DEAR DR. DONOHUE: When my son was in high school, he was diagnosed with epilepsy. His first and second seizures occurred at school. No one there had any training on how to handle a seizure. I am writing to ask you to explain to people what a seizure is and how to help a person having one. There is so much misinformation about this. My son, incidentally, has graduated from college and has not had a seizure in the past five years. Thank you. – L.L.

Most people are frightened when witnessing a seizure and are at a complete loss about what they should do. There are many seizure varieties, but I’ll confine my remarks to a grand mal seizure, the kind with the most dramatic manifestations.

All seizures are sudden, excessive electrical discharges from brain cells. A grand mal seizure affects most of the brain, and that’s why its signs are so striking. Quite often, it occurs without warning. The person stiffens and might make a loud moaning noise. He or she then falls to the ground and makes a series of jerking movements of the arms and legs as muscles contract and relax rapidly. The jerking usually lasts about half a minute to a minute.

Bystanders who have never witnessed a seizure are unnerved by it. Invariably, one will try to pry open the seizing person’s mouth so the person doesn’t swallow the tongue. That’s the wrong thing to do. During a seizure, people never swallow their tongues. Onlookers should not try to restrain the arms or legs. They should place the seizing person on his or her side to keep the airway open, and they can loosen the collar or tie. The seizure will run its course in a short time.

Once the muscle contractions have stopped, the person is unconscious for a while and gradually awakens, confused. The best course is to offer the person transportation to a place where treatment can be given if needed, or to call 911 for help.

DEAR DR. DONOHUE: My father, 84, developed some peculiar, dark-red to blue spots on his right leg. He saw a dermatologist, who made a diagnosis of Kaposi’s sarcoma. I looked on the Internet for information, and everything I read said that Kaposi’s is an AIDS illness. I know my father doesn’t have AIDS. What does he have? How is this treated? The dermatologist didn’t say anything to him about AIDS. – S.D.

Until the AIDS epidemic struck in the early 1980s, Kaposi’s sarcoma was a rare cancer found mostly in elderly men whose ethnic roots lie in countries that border the Mediterranean Sea. This kind of Kaposi’s sarcoma has nothing to do with AIDS. (There are five different kinds of this tumor.)

Unlike AIDS-related Kaposi’s, your father’s kind progresses slowly and is rarely associated with internal spread. There are many treatments for it. One is radiation. Your father’s life should not be affected by it and should not be shortened by it.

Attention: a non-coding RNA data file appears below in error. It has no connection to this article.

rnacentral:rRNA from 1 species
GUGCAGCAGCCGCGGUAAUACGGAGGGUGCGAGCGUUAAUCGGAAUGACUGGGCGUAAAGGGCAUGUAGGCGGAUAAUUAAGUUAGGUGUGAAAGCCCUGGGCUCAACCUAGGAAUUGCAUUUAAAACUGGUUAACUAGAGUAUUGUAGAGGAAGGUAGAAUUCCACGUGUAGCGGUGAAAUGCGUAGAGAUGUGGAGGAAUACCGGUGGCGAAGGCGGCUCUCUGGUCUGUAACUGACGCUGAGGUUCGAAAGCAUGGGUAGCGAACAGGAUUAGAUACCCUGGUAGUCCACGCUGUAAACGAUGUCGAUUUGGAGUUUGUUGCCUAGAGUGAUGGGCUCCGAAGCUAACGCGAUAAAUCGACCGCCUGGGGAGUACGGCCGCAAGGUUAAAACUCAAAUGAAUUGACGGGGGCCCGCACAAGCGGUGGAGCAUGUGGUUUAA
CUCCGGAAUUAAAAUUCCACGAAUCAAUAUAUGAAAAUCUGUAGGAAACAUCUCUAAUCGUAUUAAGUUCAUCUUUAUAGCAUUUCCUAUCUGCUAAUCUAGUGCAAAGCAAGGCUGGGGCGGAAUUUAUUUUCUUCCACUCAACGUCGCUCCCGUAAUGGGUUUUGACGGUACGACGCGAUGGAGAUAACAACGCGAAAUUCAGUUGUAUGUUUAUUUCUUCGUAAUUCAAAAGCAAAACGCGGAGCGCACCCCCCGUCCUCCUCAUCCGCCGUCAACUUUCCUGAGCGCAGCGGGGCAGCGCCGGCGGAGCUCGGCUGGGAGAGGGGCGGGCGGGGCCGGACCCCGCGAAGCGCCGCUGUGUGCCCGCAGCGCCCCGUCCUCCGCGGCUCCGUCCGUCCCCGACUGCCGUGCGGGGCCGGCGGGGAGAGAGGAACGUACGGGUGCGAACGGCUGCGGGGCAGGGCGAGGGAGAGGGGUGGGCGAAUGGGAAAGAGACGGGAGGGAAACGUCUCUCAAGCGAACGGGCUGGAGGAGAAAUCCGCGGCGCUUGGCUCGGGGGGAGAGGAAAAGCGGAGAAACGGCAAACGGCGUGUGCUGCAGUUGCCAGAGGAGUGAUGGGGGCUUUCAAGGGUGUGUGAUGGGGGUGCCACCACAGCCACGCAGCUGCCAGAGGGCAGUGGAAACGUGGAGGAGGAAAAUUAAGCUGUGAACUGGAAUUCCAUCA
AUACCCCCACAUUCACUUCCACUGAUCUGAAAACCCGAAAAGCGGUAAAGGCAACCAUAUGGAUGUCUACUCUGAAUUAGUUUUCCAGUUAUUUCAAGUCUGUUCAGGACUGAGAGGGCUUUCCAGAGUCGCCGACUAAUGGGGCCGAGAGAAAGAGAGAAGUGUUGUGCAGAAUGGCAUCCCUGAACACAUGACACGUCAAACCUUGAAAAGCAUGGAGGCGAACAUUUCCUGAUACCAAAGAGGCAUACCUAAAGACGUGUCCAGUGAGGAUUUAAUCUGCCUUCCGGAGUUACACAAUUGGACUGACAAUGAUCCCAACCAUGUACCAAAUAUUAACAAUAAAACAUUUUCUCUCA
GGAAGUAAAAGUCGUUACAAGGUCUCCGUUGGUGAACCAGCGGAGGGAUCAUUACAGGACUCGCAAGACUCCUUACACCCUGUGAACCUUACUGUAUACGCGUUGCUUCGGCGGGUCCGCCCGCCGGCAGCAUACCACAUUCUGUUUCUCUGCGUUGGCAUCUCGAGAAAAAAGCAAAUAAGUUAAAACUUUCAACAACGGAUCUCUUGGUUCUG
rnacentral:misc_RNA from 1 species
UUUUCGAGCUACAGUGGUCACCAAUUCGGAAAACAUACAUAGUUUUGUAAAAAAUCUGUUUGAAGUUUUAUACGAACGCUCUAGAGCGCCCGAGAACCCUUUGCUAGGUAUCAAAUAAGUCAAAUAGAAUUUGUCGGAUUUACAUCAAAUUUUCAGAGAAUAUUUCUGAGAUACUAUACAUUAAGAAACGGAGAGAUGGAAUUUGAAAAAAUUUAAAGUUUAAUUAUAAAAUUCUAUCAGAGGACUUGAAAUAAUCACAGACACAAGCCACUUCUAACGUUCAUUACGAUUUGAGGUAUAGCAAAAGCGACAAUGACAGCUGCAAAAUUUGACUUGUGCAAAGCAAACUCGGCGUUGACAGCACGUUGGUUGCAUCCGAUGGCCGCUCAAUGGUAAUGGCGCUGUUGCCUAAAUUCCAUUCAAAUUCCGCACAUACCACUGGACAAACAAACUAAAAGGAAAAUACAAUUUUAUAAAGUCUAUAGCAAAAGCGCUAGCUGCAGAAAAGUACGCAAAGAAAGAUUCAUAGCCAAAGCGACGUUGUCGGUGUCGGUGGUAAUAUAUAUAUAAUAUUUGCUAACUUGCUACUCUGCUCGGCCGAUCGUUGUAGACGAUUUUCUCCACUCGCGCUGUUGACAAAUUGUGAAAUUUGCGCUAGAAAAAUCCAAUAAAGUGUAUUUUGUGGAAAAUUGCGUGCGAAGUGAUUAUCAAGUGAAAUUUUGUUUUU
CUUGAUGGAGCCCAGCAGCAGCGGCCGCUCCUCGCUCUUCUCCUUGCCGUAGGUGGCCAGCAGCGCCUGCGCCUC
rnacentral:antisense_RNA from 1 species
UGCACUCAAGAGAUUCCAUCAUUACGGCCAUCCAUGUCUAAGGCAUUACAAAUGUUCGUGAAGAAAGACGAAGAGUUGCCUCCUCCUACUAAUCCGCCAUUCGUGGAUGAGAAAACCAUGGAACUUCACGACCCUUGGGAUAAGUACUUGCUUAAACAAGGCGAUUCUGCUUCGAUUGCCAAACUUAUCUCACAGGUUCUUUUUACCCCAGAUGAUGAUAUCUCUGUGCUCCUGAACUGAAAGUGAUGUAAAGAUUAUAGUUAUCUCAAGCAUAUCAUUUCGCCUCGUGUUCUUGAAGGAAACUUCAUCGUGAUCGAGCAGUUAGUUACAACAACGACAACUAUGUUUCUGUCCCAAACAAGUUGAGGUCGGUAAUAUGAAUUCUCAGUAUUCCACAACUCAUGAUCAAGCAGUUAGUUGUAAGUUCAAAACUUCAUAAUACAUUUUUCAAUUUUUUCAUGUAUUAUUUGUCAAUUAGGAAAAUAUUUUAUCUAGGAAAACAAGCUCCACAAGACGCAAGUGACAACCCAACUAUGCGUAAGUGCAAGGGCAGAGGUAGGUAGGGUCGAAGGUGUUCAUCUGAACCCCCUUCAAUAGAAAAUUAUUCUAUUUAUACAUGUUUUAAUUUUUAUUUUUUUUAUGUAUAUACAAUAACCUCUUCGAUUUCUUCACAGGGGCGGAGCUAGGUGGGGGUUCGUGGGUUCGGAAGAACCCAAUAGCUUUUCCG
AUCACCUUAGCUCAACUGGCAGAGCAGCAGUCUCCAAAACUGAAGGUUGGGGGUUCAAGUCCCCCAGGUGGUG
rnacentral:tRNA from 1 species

Kaposi’s sarcoma is caused by a herpes virus. It’s not the same herpes of genital herpes or cold-sore herpes. How it’s transmitted is not known with certainty.

DEAR DR. DONOHUE: I work for a small company that instituted a health insurance program for its employees last year. The insurer turned down my application because I had hepatitis A about five years ago.

I was never sick with the hepatitis and never took any medicines for it. I was working then and never missed a day of work. I am in good health now.

My doctor doesn’t understand why I was turned down. Do you? – P.G.

No, I don’t understand why you were denied insurance either.

Hepatitis A doesn’t cause chronic liver infection as can hepatitis B and C. Once recovered from it, a person should have no further liver-related health problems or any health problems in general. An infection immunizes the person against repeat infections.

Why not write to the medical director of the insurance company and ask for the reason your application was denied? There has to be a misunderstanding here.

DEAR DR. DONOHUE: I have always been a chicken eater and not partial to beef.

This year, at age 62, I cannot seem to control my appetite for beef. I have daily cravings for hamburgers and steaks.

Could this be a vitamin deficiency? I am in good health and am active. – Anon.

It’s not a vitamin deficiency. It’s not a deficiency of anything. It’s one of those hankerings humans suddenly develop for inexplicable reasons. Why? I can’t tell you. I know from personal experience that it happens.

Beef is fine. However, you can’t make it your sole food, and you have to watch your overall fat intake.

Beef, as do all meats, has a hefty supply of fat and unsaturated fat. Fat, especially unsaturated fat, primes the liver to produce cholesterol. Three ounces – not a huge serving – has more fat and unsaturated fat than does 3 ounces of skinless, broiled chicken breast.

It’s fine to eat steak and hamburger, but not every day of the week. Spice up your diet with a little variety. If you (and I) could come down with a craving for fruits, vegetables and grains, we would be far better off.

Dr. Donohue regrets that he is unable to answer individual letters, but he will incorporate them in his column whenever possible. Readers may write him or request an order form of available health newsletters at P.O. Box 536475, Orlando, FL 32853-6475. Readers may also order health newsletters from

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